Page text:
An abdominal aortic aneurysm results from weakening and swelling of the artery's walls, often as people age, and is frequently fatal if it ruptures. When positioned across the weakened section, stent grafts act as scaffolding that can help prevent the aneurysm from bursting. This surgery was performed through accessing the patient's vascular system at the groin and using Hansen Medical's Sensei system to accurately navigate the Artisan catheter up into the weakened section of the aorta, where the stent grafts were placed.

Stereotaxis reports catheter use reintroduced

Stereotaxis (St. Louis) reported that the first atrial fibrillation (AF) procedures using its re-introduced partnered magnetic irrigated catheter were successfully performed in Europe last week.

The catheter received CE-mark approval in the last week of August following its resubmission to European regulators by the company's partner in July 2008, and these first cases are part of the standard pre-release evaluation.

Also in July, the company's partner submitted a PMA supplement to the FDA for use of the magnetic catheter in the U.S. with the expectation that U.S. approval would be obtained subsequent to the CE mark.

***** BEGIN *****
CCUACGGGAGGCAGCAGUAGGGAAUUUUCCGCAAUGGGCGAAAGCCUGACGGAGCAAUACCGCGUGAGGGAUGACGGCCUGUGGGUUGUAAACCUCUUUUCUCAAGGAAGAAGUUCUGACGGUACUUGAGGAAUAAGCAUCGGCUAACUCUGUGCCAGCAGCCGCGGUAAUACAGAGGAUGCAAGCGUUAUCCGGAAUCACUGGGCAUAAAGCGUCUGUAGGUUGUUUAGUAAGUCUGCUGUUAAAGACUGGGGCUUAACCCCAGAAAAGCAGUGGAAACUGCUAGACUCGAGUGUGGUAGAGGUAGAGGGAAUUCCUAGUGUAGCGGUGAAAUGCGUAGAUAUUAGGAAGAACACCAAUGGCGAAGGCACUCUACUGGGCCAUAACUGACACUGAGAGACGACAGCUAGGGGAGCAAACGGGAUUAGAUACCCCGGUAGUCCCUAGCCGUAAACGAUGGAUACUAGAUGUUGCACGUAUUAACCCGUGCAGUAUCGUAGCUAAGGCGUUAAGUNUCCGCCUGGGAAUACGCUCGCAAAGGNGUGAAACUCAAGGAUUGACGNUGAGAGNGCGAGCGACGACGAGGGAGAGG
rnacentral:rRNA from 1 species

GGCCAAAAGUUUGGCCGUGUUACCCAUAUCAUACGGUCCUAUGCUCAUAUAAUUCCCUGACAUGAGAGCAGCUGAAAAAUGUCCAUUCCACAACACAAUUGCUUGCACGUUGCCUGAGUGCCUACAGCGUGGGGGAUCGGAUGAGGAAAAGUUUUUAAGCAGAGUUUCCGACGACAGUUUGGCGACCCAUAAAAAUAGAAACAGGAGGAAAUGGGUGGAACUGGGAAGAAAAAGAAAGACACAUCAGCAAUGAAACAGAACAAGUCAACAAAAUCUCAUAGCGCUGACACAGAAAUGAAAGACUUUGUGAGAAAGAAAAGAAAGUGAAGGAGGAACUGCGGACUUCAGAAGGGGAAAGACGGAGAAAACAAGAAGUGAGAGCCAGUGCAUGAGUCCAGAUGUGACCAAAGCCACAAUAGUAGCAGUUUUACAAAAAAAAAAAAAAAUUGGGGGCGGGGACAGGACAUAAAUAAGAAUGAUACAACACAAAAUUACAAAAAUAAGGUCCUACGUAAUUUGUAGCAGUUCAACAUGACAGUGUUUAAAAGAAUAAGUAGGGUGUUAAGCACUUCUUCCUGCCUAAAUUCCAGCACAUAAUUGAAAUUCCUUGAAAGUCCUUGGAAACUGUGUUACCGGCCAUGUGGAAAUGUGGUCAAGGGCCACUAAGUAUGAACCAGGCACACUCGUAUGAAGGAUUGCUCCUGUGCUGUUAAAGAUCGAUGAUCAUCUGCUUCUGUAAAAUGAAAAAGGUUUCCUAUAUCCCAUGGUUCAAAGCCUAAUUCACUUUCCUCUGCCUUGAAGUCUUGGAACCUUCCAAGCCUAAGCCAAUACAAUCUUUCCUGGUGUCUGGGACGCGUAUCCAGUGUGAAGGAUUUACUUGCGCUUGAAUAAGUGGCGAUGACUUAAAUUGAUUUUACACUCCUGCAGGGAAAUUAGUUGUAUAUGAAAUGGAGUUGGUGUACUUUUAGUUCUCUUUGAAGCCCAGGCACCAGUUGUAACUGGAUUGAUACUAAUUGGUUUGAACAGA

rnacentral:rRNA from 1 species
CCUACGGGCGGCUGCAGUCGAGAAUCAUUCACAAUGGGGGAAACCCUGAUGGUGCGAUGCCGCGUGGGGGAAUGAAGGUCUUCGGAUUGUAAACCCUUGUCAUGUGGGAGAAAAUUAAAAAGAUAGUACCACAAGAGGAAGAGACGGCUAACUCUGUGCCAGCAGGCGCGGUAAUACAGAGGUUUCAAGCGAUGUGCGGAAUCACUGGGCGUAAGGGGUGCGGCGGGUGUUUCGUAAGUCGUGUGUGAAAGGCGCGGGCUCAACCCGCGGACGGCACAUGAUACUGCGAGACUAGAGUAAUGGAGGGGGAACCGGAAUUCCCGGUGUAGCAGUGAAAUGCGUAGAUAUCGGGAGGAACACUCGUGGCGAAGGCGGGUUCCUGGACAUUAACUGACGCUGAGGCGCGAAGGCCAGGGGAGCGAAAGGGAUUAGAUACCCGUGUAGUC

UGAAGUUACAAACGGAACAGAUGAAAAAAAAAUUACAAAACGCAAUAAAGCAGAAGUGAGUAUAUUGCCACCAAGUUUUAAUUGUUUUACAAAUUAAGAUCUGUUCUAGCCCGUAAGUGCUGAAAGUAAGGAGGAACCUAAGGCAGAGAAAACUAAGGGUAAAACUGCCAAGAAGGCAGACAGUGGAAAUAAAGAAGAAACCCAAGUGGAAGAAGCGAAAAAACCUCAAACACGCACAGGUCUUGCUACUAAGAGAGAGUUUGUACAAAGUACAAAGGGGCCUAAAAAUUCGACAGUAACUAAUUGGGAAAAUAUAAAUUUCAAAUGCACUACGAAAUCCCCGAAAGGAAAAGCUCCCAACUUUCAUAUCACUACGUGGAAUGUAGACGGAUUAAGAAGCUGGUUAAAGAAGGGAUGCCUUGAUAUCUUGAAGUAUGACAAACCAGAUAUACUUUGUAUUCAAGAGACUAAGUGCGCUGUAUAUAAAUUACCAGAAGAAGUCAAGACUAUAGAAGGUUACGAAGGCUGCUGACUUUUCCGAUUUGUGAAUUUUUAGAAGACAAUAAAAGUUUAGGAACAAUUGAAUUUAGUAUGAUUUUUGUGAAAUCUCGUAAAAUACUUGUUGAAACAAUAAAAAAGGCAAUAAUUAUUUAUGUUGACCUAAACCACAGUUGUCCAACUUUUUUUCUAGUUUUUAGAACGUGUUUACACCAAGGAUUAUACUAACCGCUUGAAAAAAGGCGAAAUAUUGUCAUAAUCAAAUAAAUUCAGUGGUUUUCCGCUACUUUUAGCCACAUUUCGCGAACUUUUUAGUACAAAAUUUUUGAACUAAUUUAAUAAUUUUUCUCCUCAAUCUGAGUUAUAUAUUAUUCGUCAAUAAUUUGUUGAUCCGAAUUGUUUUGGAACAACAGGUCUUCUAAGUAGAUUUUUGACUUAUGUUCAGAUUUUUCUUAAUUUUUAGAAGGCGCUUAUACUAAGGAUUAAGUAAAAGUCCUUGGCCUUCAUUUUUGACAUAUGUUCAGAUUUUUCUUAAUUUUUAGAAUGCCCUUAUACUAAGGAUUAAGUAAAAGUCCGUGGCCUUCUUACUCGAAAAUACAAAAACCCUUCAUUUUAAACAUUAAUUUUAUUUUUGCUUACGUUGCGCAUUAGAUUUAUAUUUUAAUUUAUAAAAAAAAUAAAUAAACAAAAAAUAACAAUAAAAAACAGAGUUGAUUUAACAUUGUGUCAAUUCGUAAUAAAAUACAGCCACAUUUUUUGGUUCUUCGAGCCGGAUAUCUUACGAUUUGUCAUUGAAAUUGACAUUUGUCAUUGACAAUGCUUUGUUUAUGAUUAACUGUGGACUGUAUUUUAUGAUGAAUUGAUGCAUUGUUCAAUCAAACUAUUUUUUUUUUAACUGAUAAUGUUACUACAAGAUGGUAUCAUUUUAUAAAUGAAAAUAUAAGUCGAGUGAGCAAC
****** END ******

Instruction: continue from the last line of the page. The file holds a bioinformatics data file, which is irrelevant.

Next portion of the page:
Carlo Pappone MD, PhD, performed the first procedures last week at San Raffaele University Hospital (Milan, Italy).

Pappone said he was "delighted with the results of my first procedures performed successfully with the newly available Biosense magnetic irrigated catheter. I am extremely happy with its performance, and believe that Biosense did an excellent job. Contact stability, lesion quality and overall mechanical performance are excellent, and I believe safety is likely to be exemplary."

Bevil Hogg, CEO of Stereotaxis, said, "We are very pleased with the successful initial experience of our partnered magnetic catheter following its recent re-introduction in Europe. Most importantly, we anticipate that the commercial re-introduction of this catheter, which is used primarily for complex procedures in the left atrium of the heart, will mark a point of inflection in the utilization of our installed base of Niobe systems, resulting in a substantial increase in procedure volume over time and a concomitant acceleration of system sales."